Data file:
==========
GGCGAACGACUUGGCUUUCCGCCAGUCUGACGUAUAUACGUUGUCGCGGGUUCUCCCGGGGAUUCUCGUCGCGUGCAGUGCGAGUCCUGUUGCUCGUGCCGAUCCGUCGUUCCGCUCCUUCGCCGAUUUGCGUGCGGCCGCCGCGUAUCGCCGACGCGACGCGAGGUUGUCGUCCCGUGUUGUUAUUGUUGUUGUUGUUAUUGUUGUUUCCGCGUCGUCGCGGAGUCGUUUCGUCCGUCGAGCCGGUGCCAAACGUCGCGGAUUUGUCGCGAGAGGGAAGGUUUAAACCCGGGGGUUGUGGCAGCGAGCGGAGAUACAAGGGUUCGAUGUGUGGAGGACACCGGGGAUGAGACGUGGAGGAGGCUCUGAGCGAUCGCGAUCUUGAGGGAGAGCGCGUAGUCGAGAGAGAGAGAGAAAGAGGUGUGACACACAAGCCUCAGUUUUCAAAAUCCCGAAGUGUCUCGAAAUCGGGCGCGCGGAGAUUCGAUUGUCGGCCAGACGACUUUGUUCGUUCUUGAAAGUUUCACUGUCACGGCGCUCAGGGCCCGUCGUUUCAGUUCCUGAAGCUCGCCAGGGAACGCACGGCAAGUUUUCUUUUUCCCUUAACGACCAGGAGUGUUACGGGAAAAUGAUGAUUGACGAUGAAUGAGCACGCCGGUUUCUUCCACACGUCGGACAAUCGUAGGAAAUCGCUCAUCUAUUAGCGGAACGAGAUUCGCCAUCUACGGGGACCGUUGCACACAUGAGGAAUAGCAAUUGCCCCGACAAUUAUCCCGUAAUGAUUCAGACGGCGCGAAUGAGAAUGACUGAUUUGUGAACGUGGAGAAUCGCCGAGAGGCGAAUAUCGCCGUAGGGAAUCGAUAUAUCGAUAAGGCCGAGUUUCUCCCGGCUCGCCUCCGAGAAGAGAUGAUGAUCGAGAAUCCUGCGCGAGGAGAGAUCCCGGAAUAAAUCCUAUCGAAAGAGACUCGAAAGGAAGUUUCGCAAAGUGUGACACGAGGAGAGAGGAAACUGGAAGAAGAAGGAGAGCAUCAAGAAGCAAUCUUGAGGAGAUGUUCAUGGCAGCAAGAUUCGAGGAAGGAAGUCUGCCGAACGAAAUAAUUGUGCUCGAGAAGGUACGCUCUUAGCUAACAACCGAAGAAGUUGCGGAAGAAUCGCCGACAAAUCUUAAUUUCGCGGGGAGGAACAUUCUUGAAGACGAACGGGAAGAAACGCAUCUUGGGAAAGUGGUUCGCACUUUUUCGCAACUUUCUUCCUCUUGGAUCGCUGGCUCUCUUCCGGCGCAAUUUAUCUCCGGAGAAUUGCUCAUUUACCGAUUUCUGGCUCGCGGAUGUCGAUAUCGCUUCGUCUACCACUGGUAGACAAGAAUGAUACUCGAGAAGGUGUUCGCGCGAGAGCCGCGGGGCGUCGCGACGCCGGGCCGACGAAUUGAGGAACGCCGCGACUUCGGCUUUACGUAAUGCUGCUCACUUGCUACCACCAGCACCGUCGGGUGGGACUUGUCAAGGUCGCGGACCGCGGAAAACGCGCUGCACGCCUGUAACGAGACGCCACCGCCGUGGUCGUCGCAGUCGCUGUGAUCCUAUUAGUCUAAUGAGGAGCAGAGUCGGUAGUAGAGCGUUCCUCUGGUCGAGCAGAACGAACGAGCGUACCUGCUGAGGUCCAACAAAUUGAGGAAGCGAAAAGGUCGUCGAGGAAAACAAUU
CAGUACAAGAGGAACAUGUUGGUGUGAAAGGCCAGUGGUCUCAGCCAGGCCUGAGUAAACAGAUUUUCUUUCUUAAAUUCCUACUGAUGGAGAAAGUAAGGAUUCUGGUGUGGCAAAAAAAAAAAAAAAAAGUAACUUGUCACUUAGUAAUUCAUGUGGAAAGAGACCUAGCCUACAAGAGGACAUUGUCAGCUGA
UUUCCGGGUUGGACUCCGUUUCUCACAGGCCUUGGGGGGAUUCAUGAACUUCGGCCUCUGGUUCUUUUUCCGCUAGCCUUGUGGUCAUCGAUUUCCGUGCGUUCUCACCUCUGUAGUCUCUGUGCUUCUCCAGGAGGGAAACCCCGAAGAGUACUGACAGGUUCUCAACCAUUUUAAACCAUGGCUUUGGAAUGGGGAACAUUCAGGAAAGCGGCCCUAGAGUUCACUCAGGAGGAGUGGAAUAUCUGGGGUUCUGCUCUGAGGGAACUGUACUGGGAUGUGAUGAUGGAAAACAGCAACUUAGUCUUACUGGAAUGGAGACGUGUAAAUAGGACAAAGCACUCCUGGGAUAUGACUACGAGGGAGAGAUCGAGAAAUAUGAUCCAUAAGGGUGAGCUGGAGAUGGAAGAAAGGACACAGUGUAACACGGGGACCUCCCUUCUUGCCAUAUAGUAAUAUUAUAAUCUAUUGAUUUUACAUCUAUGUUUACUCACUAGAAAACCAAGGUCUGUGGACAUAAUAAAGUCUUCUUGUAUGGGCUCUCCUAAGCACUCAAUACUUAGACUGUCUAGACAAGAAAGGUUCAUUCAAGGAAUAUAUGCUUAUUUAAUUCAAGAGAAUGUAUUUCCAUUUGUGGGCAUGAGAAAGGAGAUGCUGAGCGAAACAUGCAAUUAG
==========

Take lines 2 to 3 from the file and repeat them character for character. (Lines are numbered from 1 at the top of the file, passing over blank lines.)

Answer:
CAGUACAAGAGGAACAUGUUGGUGUGAAAGGCCAGUGGUCUCAGCCAGGCCUGAGUAAACAGAUUUUCUUUCUUAAAUUCCUACUGAUGGAGAAAGUAAGGAUUCUGGUGUGGCAAAAAAAAAAAAAAAAAGUAACUUGUCACUUAGUAAUUCAUGUGGAAAGAGACCUAGCCUACAAGAGGACAUUGUCAGCUGA
UUUCCGGGUUGGACUCCGUUUCUCACAGGCCUUGGGGGGAUUCAUGAACUUCGGCCUCUGGUUCUUUUUCCGCUAGCCUUGUGGUCAUCGAUUUCCGUGCGUUCUCACCUCUGUAGUCUCUGUGCUUCUCCAGGAGGGAAACCCCGAAGAGUACUGACAGGUUCUCAACCAUUUUAAACCAUGGCUUUGGAAUGGGGAACAUUCAGGAAAGCGGCCCUAGAGUUCACUCAGGAGGAGUGGAAUAUCUGGGGUUCUGCUCUGAGGGAACUGUACUGGGAUGUGAUGAUGGAAAACAGCAACUUAGUCUUACUGGAAUGGAGACGUGUAAAUAGGACAAAGCACUCCUGGGAUAUGACUACGAGGGAGAGAUCGAGAAAUAUGAUCCAUAAGGGUGAGCUGGAGAUGGAAGAAAGGACACAGUGUAACACGGGGACCUCCCUUCUUGCCAUAUAGUAAUAUUAUAAUCUAUUGAUUUUACAUCUAUGUUUACUCACUAGAAAACCAAGGUCUGUGGACAUAAUAAAGUCUUCUUGUAUGGGCUCUCCUAAGCACUCAAUACUUAGACUGUCUAGACAAGAAAGGUUCAUUCAAGGAAUAUAUGCUUAUUUAAUUCAAGAGAAUGUAUUUCCAUUUGUGGGCAUGAGAAAGGAGAUGCUGAGCGAAACAUGCAAUUAG